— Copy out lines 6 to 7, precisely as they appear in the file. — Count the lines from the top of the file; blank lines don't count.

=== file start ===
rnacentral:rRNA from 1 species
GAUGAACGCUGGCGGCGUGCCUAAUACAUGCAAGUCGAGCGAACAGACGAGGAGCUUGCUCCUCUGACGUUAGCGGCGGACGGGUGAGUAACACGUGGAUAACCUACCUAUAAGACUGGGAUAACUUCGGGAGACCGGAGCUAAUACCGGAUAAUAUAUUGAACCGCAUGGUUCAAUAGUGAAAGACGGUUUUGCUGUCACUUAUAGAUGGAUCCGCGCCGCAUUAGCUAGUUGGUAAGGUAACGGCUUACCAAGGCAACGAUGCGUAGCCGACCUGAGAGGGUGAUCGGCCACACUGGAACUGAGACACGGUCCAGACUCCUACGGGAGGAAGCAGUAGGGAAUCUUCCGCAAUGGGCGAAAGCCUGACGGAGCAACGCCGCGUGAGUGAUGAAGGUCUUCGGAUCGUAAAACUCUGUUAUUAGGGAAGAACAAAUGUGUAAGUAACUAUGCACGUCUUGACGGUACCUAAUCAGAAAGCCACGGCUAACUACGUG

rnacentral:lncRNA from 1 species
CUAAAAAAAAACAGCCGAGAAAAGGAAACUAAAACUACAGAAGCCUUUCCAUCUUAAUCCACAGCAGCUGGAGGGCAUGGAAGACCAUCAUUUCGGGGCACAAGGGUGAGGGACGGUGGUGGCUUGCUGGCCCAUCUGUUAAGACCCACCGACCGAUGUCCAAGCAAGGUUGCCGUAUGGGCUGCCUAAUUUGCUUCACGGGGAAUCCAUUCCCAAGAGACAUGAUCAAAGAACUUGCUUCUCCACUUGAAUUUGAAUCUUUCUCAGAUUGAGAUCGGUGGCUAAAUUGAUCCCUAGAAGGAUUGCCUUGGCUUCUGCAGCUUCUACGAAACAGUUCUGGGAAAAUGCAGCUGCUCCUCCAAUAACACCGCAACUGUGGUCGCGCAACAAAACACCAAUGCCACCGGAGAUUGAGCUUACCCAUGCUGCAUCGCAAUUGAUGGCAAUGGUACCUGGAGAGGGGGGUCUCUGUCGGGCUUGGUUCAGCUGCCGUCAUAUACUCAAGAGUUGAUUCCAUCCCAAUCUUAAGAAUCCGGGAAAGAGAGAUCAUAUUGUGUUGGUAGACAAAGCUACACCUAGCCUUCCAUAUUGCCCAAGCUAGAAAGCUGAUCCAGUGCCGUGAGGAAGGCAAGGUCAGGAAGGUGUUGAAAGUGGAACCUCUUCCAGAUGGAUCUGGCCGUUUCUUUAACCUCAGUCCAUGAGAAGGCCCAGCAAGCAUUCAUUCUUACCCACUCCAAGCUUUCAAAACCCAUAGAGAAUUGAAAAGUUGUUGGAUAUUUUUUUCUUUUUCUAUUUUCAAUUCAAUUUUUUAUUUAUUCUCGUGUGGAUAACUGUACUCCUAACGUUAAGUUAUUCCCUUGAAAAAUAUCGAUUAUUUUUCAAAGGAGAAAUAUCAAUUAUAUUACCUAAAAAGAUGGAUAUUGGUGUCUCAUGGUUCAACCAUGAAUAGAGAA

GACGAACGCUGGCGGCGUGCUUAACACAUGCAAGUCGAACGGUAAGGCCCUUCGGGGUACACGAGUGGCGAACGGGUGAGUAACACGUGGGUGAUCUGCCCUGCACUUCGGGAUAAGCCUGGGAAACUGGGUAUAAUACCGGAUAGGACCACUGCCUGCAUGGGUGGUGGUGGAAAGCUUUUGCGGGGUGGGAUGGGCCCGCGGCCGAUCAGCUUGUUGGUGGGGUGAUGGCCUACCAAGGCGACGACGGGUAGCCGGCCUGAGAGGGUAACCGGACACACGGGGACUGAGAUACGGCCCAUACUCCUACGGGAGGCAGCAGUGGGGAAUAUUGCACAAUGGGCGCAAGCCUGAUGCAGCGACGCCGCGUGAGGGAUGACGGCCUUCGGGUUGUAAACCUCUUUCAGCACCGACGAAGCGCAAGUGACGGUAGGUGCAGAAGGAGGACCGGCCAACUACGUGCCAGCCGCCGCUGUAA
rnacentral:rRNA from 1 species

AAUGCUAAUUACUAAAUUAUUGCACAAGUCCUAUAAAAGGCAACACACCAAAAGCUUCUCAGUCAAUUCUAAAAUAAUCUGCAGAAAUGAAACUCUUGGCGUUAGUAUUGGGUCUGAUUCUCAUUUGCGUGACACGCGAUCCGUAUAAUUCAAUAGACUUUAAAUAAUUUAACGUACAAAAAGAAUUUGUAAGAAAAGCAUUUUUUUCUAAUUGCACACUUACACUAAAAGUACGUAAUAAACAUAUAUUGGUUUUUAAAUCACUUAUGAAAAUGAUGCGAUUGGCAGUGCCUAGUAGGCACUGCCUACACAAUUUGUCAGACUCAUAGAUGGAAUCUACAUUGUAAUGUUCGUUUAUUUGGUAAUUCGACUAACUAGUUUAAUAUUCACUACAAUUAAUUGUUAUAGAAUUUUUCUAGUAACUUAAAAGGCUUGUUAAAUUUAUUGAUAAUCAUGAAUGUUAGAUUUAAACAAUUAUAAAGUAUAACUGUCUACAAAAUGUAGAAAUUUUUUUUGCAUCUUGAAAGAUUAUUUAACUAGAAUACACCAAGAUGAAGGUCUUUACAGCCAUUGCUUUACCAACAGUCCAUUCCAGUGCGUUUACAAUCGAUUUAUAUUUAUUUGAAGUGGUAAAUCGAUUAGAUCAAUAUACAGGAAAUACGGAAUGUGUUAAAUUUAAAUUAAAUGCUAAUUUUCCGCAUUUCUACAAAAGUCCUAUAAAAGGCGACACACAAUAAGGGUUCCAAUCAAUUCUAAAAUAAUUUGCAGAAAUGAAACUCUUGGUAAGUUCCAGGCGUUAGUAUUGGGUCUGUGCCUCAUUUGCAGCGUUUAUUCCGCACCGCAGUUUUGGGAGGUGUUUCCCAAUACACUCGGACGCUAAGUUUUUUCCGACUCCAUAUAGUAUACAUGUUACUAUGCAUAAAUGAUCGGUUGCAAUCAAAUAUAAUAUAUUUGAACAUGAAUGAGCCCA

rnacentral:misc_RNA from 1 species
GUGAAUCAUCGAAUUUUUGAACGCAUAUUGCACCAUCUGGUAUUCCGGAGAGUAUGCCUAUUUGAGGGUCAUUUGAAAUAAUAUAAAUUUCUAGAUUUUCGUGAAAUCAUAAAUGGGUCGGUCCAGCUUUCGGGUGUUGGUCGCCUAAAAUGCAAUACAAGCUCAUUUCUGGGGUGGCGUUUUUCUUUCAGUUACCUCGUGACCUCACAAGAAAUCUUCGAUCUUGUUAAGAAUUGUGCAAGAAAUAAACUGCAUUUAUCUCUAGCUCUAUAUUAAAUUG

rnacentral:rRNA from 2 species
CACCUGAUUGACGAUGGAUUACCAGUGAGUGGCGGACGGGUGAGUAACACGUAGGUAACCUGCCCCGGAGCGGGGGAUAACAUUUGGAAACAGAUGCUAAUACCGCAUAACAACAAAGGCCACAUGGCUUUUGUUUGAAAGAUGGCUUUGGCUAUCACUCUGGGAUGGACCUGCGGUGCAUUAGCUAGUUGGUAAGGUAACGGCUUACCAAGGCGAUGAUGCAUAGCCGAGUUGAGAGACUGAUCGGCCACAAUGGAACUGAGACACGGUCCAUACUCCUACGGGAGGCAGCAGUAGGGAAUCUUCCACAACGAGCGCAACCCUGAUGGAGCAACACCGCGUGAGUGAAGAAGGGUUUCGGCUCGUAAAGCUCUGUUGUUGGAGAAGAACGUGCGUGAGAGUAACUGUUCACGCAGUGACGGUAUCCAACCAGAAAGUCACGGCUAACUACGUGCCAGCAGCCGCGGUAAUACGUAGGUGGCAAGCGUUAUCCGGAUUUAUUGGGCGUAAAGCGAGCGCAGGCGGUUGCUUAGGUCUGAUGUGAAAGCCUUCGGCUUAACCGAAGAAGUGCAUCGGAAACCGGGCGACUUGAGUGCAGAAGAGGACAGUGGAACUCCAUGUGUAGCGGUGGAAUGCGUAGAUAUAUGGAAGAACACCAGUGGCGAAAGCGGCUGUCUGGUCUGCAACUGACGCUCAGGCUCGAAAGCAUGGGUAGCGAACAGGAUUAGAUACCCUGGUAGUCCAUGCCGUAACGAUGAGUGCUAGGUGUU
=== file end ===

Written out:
rnacentral:rRNA from 1 species

AAUGCUAAUUACUAAAUUAUUGCACAAGUCCUAUAAAAGGCAACACACCAAAAGCUUCUCAGUCAAUUCUAAAAUAAUCUGCAGAAAUGAAACUCUUGGCGUUAGUAUUGGGUCUGAUUCUCAUUUGCGUGACACGCGAUCCGUAUAAUUCAAUAGACUUUAAAUAAUUUAACGUACAAAAAGAAUUUGUAAGAAAAGCAUUUUUUUCUAAUUGCACACUUACACUAAAAGUACGUAAUAAACAUAUAUUGGUUUUUAAAUCACUUAUGAAAAUGAUGCGAUUGGCAGUGCCUAGUAGGCACUGCCUACACAAUUUGUCAGACUCAUAGAUGGAAUCUACAUUGUAAUGUUCGUUUAUUUGGUAAUUCGACUAACUAGUUUAAUAUUCACUACAAUUAAUUGUUAUAGAAUUUUUCUAGUAACUUAAAAGGCUUGUUAAAUUUAUUGAUAAUCAUGAAUGUUAGAUUUAAACAAUUAUAAAGUAUAACUGUCUACAAAAUGUAGAAAUUUUUUUUGCAUCUUGAAAGAUUAUUUAACUAGAAUACACCAAGAUGAAGGUCUUUACAGCCAUUGCUUUACCAACAGUCCAUUCCAGUGCGUUUACAAUCGAUUUAUAUUUAUUUGAAGUGGUAAAUCGAUUAGAUCAAUAUACAGGAAAUACGGAAUGUGUUAAAUUUAAAUUAAAUGCUAAUUUUCCGCAUUUCUACAAAAGUCCUAUAAAAGGCGACACACAAUAAGGGUUCCAAUCAAUUCUAAAAUAAUUUGCAGAAAUGAAACUCUUGGUAAGUUCCAGGCGUUAGUAUUGGGUCUGUGCCUCAUUUGCAGCGUUUAUUCCGCACCGCAGUUUUGGGAGGUGUUUCCCAAUACACUCGGACGCUAAGUUUUUUCCGACUCCAUAUAGUAUACAUGUUACUAUGCAUAAAUGAUCGGUUGCAAUCAAAUAUAAUAUAUUUGAACAUGAAUGAGCCCA